Coexistence of Object-Oriented and "Bare Metal" Types
I know from experience you can use Java in both a pure object-oriented, LISP-like high-level way and a low-level, C-emulation mode, with a consequent tradeoff of programming flexibility for speed and power. I think part of Java's success is its vast library of objects, which in turn can use bare ints, booleans and floats to do the meat of the programming. I think C# will become even more successful for a similar reason, because it provides even more opportunity to manipulate the metal while letting you fly off into high-level object land if you need to.
How Does It All Fit Together?
It doesn't yet. If I was to throw all the items in my list into some bastardized example I'd get something like:
println "The first ten characters of the method name are: "
foreach character in ( strMethodCall =~ /[A-Z](.*)\./ ).[1:10] do
println " " + character
I'm not sure I'd want to program in yet. How are blocks indicated - by indentation? Ick. Where do statements end? Can we omit the semicolons? Should we add braces? Can we come up with better syntax regular expressions than the gawdawful "/[A-Z](.*)\./", or do we just stick with it because it's standard? Do we call the loop method "for" as in Python, or "foreach" because we want to reserve "for" for a C-style loop?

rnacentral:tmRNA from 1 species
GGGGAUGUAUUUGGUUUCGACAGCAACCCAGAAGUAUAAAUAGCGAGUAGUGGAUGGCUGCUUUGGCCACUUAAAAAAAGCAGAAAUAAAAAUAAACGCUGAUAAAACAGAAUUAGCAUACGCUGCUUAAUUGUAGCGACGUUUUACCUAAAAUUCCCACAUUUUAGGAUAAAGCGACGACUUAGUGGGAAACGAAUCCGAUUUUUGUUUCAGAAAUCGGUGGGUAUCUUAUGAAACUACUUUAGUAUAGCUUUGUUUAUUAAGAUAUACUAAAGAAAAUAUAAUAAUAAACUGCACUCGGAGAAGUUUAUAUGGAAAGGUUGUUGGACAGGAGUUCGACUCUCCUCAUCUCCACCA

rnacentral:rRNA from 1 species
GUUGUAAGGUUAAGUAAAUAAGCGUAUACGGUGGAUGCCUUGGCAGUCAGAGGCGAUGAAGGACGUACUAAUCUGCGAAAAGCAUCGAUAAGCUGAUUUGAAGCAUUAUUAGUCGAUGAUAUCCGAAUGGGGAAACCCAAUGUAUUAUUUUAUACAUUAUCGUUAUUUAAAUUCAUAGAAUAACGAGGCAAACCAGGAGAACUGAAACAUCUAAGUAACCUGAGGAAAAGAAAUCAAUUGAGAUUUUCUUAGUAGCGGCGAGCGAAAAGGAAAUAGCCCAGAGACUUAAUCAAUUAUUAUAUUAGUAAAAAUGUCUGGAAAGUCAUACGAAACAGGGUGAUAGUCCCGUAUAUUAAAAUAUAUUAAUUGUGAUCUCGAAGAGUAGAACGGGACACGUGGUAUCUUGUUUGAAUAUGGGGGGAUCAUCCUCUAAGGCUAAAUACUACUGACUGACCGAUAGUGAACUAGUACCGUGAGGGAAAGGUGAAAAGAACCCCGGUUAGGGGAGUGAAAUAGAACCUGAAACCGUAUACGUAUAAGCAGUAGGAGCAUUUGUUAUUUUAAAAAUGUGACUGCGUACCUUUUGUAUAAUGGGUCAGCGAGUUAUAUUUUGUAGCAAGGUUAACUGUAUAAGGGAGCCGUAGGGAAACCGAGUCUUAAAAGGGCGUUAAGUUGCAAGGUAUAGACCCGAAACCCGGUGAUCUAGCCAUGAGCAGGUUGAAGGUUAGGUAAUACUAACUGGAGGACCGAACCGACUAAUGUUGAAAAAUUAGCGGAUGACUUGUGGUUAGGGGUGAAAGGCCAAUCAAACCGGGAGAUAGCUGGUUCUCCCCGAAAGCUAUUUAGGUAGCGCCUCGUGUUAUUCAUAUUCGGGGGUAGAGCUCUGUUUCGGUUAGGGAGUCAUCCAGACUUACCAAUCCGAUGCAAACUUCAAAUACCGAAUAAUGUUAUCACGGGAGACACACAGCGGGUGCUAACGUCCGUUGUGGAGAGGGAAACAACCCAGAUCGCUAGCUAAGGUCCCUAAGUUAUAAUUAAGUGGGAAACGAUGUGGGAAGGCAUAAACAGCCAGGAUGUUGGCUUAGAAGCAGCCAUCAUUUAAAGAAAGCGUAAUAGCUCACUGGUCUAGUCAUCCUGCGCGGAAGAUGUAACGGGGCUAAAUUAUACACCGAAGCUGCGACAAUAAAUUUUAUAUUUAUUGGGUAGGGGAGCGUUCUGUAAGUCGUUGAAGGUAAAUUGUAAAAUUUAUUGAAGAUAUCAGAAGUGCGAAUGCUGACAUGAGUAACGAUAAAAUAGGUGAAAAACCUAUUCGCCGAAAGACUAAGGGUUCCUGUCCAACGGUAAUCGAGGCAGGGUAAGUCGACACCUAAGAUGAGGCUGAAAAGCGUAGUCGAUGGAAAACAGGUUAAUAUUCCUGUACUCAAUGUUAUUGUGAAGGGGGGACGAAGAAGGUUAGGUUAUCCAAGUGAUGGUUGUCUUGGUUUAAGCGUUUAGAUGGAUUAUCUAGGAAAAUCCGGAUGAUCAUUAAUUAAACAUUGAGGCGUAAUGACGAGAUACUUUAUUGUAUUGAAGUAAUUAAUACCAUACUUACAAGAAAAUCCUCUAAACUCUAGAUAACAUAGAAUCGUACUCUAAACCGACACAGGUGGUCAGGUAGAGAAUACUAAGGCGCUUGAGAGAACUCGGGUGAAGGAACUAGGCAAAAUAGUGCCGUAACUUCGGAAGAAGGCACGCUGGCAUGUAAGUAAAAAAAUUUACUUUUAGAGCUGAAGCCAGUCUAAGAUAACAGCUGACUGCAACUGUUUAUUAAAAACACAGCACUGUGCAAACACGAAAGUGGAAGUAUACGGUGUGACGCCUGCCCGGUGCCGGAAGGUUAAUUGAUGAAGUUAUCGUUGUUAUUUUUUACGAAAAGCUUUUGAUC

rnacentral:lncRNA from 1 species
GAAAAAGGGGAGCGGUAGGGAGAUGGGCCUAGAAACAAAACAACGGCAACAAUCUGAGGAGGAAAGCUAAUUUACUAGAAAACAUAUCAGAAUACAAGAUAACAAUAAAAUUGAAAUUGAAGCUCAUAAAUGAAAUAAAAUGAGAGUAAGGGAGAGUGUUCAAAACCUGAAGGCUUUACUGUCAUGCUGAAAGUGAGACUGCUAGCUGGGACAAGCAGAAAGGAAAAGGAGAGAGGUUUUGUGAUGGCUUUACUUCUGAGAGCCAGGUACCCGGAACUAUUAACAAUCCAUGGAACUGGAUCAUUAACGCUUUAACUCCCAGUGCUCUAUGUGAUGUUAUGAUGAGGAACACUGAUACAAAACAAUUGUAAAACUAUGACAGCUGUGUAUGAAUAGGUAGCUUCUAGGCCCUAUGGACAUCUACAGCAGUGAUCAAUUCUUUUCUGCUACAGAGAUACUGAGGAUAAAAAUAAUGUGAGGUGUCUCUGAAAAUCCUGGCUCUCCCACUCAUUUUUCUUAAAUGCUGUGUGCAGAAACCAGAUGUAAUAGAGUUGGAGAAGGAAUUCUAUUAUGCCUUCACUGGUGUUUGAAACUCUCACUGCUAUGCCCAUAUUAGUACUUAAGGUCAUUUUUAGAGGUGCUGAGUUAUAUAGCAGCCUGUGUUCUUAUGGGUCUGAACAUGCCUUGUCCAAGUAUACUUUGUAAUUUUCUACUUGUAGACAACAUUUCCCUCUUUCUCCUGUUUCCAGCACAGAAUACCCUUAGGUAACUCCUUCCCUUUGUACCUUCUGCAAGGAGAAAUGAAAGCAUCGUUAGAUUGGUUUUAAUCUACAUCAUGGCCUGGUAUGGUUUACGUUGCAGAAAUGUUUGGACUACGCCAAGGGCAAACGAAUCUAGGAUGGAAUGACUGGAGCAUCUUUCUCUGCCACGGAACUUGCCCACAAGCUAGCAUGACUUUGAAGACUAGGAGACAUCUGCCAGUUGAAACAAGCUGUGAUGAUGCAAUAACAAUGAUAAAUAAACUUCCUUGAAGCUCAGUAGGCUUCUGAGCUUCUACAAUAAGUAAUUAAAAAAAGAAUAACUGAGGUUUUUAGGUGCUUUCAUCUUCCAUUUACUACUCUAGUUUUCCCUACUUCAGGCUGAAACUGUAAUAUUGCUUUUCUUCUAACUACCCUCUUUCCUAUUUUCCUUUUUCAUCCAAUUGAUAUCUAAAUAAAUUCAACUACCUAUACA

I have another 30 or so things on my list, and I'm not going to go into all of them in this essay, saving them for future entries instead. I'm going to keep at this sounding board for a while, proposing useful constructs I've mined from reading language definitions, in the hope of finding a basic set of syntactic constructs that are clear, useful, productive, and most of all, satisfy the principle of least astonishment: a C or Pascal or Lisp programmer should be able to move to this new language and see its programming language constructs are somehow ... familiar, even if they've never used them before.